Overview

A pilonidal (pie-low-NIE-dul) cyst is an abnormal pocket in the skin that usually contains hair and skin debris. A pilonidal cyst is almost always located near the tailbone at the top of the cleft of the buttocks.

Pilonidal cysts usually occur when hair punctures the skin and then becomes embedded. If a pilonidal cyst becomes infected, the resulting abscess is often extremely painful. The cyst can be drained through a small incision or removed surgically.

Pilonidal cysts most commonly occur in young men, and the problem has a tendency to recur. People who sit for prolonged periods of time, such as truck drivers, are at higher risk of developing a pilonidal cyst.

Symptoms

When it's infected, a pilonidal cyst becomes a swollen mass (abscess). Signs and symptoms of an infected pilonidal cyst include:

  • Pain
  • Reddening of the skin
  • Drainage of pus or blood from an opening in the skin
  • Foul smell from draining pus

When to see a doctor

If you notice any signs or symptoms of a pilonidal cyst, see your doctor. He or she can diagnose the condition by examining the lesion.

Causes

The exact cause of pilonidal cysts isn't clear. But most pilonidal cysts appear to be caused by loose hairs that penetrate the skin. Friction and pressure — skin rubbing against skin, tight clothing, bicycling, long periods of sitting or similar factors — force the hair down into skin. Responding to the hair as a foreign substance, the body creates a cyst around the hair.

This explanation accounts for rare cases of pilonidal cysts that occur in parts of the body other than near the tailbone. For example, barbers, dog groomers and sheep shearers have developed pilonidal cysts in the skin between fingers.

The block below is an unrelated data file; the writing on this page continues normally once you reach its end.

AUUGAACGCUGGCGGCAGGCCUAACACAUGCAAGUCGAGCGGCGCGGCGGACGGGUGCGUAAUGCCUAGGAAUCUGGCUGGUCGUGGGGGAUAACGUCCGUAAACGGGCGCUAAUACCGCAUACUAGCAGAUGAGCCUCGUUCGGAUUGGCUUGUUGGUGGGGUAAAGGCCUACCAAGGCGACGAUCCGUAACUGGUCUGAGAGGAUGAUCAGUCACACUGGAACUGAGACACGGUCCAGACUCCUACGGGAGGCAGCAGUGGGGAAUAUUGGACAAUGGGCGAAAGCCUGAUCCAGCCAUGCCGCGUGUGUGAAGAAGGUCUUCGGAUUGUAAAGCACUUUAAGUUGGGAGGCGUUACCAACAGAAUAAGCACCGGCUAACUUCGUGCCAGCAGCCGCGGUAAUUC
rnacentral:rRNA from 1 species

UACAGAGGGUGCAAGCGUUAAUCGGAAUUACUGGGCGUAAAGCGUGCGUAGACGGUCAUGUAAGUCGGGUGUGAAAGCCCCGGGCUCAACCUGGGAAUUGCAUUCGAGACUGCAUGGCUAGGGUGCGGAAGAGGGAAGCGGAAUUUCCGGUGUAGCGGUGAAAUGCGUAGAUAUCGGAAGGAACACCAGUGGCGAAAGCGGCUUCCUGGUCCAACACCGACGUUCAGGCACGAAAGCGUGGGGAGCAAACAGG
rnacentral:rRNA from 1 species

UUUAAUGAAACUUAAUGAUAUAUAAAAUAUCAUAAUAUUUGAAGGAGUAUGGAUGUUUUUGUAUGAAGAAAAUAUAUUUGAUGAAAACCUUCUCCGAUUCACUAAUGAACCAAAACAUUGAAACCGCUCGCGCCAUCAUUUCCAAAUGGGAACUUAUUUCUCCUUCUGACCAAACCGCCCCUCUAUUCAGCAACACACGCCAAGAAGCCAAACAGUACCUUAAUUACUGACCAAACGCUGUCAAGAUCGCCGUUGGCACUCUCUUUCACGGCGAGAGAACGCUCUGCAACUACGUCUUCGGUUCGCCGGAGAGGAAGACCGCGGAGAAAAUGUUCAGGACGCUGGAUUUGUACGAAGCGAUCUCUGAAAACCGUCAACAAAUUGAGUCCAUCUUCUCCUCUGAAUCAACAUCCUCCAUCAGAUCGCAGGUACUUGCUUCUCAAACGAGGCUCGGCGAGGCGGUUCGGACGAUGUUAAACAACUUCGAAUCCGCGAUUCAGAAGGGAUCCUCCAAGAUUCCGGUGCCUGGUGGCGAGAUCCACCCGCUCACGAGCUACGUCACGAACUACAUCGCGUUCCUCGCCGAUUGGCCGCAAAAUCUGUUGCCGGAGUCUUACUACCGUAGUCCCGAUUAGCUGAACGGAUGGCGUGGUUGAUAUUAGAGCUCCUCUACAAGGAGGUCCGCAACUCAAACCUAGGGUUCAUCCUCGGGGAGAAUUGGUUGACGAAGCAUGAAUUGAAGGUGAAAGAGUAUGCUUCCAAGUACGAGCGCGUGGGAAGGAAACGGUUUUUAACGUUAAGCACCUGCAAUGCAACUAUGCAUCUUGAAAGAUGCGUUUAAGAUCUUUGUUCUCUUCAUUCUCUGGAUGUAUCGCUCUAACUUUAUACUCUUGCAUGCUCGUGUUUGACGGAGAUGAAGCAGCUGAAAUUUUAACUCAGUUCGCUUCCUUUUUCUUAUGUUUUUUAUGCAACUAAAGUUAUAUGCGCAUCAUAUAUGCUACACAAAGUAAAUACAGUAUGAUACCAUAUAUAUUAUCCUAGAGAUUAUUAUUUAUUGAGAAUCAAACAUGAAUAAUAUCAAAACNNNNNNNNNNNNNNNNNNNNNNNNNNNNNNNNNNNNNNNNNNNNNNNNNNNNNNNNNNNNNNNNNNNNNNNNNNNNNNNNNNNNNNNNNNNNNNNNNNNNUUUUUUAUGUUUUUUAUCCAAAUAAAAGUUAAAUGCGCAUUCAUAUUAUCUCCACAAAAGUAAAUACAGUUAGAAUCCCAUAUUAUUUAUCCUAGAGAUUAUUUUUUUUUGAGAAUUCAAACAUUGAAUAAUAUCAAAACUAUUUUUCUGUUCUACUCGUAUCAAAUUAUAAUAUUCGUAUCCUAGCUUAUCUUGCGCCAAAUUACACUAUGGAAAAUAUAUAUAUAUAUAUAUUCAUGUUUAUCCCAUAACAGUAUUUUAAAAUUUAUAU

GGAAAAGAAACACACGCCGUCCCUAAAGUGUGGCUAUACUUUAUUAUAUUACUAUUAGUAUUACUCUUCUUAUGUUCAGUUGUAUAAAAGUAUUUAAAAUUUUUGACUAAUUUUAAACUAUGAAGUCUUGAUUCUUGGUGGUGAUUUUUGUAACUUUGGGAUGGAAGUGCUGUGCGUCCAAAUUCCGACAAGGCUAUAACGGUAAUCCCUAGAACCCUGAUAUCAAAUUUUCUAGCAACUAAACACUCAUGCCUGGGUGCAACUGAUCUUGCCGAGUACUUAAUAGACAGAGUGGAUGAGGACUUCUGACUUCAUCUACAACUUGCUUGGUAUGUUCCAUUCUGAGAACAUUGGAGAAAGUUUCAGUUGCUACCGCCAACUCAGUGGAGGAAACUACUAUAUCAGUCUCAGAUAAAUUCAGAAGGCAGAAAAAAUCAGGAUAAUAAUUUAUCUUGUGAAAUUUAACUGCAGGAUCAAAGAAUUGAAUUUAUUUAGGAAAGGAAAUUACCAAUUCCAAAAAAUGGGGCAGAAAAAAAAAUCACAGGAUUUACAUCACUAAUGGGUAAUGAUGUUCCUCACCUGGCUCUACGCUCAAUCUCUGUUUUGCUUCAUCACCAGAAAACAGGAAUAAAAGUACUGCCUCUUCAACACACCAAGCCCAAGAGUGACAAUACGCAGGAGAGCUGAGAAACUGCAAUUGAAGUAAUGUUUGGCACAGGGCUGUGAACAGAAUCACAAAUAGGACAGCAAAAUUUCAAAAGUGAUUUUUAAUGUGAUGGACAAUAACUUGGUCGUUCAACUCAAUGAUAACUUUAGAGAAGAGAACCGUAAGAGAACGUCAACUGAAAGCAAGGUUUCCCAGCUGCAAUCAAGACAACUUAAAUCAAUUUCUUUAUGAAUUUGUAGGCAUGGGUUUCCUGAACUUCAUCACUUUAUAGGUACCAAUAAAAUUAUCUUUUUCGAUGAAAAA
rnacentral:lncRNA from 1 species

Risk factors

Certain factors can make you more susceptible to developing pilonidal cysts, such as:

  • Male sex
  • Younger age (pilonidal cysts are most common in people in their 20s)
  • Obesity
  • Inactive lifestyle
  • Occupation requiring prolonged sitting
  • Excess body hair
  • Stiff or coarse hair

Complications

If a chronically infected pilonidal cyst isn't treated properly, you may be at slightly increased risk of developing a type of skin cancer called squamous cell carcinoma.

Prevention

To help prevent pilonidal cysts, try to:

  • Keep the area clean
  • Lose weight if needed
  • Avoid prolonged sitting

If you've had pilonidal cysts in the past, you might want to regularly shave the area or use hair removal products to reduce the risk of recurrence.

Sept. 05, 2015
References
  1. Cameron JL, et al., eds. The management of pilonidal disease. In: Current Surgical Therapy. 11th ed. Philadelphia, Pa.: Saunders Elsevier; 2014. http://www.clinicalkey.com. Accessed Aug. 15, 2015.
  2. Pfenninger JL, et al., eds. Pilonidal cyst and abscess: Current management. In: Pfenninger and Fowler's Procedures for Primary Care. 3rd ed. Philadelphia, Pa.: Saunders Elsevier; 2011. http://www.clinicalkey.com. Accessed Aug. 15, 2015.
  3. Marx JA, et al., eds. Disorders of the anorectum. In: Rosen's Emergency Medicine: Concepts and Clinical Practice. 8th ed. Philadelphia, Pa.: Saunders Elsevier; 2014. http://www.clinicalkey.com. Accessed Aug. 15, 2015.
  4. Sullivan DJ, et al. Intergluteal pilonidal disease: Clinical manifestations and diagnosis. http://www.uptodate.com/home. Accessed Aug. 14, 2015.
  5. Pilonidal disease. American Society of Colon and Rectal Surgeons. https://www.fascrs.org/patients/disease-condition/pilonidal-disease. Accessed Aug. 16, 2015.